A former police officer who prefers to remain anonymous writes:
For those readers of this site who believe a firearms registry already exists, this won’t be a surprise. For those who have doubts, maybe this will show otherwise. I had a long career in law enforcement, working some interesting cases. One case in particular opened my eyes as to how all inclusive the NICS system is, and how long the non records are recorded for record keeping sake. The case involved tracking a bad guy before, during and after his deed . . .
I’ll try not to lose you in the weeds here, but some detail is in order. When most, if not all police officers check someone to see if they are wanted, it involves an in-state check and a nationwide check.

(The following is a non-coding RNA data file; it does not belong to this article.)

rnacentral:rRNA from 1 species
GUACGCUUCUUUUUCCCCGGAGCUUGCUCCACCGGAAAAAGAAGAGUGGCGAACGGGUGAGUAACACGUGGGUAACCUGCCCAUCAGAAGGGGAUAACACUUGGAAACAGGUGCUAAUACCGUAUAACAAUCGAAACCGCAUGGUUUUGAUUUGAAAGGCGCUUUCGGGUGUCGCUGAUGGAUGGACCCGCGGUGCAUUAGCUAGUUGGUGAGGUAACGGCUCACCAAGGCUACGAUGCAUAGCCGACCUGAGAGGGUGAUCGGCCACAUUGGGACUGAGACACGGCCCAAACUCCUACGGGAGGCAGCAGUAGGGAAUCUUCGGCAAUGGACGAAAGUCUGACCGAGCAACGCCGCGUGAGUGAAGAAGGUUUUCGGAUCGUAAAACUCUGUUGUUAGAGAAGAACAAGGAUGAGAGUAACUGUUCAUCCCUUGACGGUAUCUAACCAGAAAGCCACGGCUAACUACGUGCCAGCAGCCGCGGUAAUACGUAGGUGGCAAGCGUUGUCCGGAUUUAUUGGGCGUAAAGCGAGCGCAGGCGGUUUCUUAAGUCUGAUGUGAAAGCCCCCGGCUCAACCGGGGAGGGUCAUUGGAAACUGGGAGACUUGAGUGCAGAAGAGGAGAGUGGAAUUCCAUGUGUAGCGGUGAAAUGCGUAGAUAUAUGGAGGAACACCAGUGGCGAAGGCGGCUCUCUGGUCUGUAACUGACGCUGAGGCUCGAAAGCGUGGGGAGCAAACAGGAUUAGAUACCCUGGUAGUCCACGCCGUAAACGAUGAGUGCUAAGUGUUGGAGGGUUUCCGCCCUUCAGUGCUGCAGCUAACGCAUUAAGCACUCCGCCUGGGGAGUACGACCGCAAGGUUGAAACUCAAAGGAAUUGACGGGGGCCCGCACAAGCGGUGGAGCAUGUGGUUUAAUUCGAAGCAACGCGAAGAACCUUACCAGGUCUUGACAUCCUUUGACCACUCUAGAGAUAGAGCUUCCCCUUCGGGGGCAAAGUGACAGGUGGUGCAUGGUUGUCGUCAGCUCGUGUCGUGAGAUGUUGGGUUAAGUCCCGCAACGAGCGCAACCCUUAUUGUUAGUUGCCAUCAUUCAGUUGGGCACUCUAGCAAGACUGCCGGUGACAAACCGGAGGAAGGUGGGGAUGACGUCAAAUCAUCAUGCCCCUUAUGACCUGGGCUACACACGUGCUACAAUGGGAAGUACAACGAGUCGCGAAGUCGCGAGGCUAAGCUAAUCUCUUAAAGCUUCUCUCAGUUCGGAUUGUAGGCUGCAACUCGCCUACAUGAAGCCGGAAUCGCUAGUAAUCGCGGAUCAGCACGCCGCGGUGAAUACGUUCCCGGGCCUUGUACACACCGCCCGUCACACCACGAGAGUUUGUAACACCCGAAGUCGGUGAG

Let’s say you get pulled over for speeding. Besides checking to see if your driver’s license is valid, you are also run through a statewide database and the national database known as NCIC. That stands for National Crime Information Center. This is to see if that warrant out of Georgia is still there since you moved to Nevada.
Each and every time a check is run, it’s recorded. And archived. They record who or what was checked, which agency checked and, if the officer is using an in-car computer, which officer did the checking.
Read the rest here...